Top 3 Sustainable Fabrics - Natural Style Estonia

Top 3 Sustainable Fabrics

 

In our modern world, brands and consumers alike have decisively recognised the importance of sustainable practices in the fashion and textile industries. Acknowledging the negative impact that fast fashion and overproduction of clothes carry, fashion industry practitioners are now prioritising eco design and “green fashion” over all, ultimately raising customers’ awareness of just how eco-friendly their clothes is. Since choosing eco-conscious textiles can be challenging, we have chosen our picks for the most sustainable fabrics that you can find in the fashion market today.

 

       1.  WOOL

 

Champion of sustainable fashion and a great alternative to synthetic fabrics, wool is one the most natural and eco-friendly fabrics to exist today. Collected mostly from sheep, llamas, and goats, wool is a completely biodegradable and recyclable material that leaves little carbon footprint during its production process, generally requiring very little energy. Apart from representing a thoroughly eco-conscious choice, the quality of wool also makes it one of the most pleasant materials to wear: an extremely breathable fabric, wool absorbs and releases moisture without stretching itself out overtime.

 

        2.  LINEN

 

Despite being one of the oldest fabrics that is almost 34 000 years old, in 2021 linen still retains its sustainable and altogether fashionable qualities. Produced from flax plants, linen’s production is water saving (consuming only 6.4 litres of water as opposed to 2,700 for cotton) and cost effective – after extracting linen, flax plants are then used to produce flax seeds and linseed oil. Linen’s breathability and vitality makes it a perfect material for summer clothes that you can then re-purpose and re-make into a tablecloth, tea towel, or even curtains.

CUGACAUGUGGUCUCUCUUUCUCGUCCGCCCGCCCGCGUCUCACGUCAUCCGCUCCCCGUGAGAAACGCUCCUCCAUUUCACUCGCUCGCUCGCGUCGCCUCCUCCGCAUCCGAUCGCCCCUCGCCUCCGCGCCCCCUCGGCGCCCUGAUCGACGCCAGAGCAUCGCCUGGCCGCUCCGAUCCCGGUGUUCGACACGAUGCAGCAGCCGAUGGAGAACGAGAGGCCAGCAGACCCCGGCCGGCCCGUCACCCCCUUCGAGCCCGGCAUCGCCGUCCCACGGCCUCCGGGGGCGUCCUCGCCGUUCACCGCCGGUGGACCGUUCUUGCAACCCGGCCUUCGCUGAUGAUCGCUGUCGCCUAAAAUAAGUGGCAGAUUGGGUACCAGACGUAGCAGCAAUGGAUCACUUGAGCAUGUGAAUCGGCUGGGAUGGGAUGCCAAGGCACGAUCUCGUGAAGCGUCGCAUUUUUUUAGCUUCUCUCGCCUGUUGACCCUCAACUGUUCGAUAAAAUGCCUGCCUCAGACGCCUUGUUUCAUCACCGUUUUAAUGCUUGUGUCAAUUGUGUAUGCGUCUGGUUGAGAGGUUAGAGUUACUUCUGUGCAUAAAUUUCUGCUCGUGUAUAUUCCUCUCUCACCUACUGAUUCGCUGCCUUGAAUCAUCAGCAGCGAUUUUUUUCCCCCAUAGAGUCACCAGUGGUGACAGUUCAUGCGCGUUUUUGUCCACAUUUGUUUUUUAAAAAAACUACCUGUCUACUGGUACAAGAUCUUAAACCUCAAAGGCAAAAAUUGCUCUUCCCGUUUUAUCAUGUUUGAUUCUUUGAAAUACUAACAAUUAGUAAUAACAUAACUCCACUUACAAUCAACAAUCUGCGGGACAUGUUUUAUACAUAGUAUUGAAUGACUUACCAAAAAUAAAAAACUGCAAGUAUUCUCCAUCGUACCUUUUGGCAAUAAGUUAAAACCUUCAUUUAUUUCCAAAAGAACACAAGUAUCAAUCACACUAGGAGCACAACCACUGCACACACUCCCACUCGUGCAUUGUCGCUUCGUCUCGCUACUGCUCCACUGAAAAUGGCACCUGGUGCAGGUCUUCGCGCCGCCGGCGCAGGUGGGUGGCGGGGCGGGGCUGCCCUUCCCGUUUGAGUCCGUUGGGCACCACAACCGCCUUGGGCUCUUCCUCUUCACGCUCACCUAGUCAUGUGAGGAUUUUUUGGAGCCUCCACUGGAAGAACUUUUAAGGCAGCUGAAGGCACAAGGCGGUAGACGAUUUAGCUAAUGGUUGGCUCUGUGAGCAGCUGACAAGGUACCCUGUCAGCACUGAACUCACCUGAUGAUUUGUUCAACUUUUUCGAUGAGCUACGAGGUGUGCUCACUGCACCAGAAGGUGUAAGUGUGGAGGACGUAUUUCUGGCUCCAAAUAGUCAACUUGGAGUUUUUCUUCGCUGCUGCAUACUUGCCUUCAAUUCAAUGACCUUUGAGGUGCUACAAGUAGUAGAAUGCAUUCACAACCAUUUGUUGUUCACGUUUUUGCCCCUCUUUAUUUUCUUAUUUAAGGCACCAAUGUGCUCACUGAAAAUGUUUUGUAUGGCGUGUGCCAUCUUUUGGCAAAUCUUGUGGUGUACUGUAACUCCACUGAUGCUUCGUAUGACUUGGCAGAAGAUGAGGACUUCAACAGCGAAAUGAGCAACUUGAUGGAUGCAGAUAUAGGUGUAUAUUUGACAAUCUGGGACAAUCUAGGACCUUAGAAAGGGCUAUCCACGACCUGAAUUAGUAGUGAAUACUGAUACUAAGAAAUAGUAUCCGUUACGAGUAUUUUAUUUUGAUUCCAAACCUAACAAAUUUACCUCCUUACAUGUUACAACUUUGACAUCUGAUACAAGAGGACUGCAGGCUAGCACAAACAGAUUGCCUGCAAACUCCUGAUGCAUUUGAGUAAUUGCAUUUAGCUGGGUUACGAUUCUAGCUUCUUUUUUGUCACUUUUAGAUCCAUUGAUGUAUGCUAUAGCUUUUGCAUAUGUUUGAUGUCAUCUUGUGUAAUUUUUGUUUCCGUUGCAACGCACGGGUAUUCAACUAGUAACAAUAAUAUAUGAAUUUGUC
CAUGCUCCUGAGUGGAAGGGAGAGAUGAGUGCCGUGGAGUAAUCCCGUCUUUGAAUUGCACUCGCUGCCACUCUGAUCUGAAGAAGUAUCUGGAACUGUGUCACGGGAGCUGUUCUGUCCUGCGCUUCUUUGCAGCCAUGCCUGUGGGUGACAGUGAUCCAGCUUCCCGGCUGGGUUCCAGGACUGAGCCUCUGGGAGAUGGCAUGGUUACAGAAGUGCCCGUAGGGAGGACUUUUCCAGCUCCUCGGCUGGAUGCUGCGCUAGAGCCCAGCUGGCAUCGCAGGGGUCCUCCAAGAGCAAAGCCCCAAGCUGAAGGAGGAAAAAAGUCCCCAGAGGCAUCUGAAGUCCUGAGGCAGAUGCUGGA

3.  ORGANIC COTTON

 

Non-organic cotton has always had a reputation for being the least sustainable and eco-friendly fabric out there: in addition to exhausting water resources, production of non-organic cotton usually includes pesticides, a dangerous substance that harms nature as well as human and insect lives. Organic cotton then became an eco-friendly response to “normal” cotton – its production uses almost 91% less water than regular cotton and avoids pesticides by all means. Since organic cotton is naturally produced and rain-fed, it easily biodegrades in circa five months, while also keeping the soil healthy and chemical-free.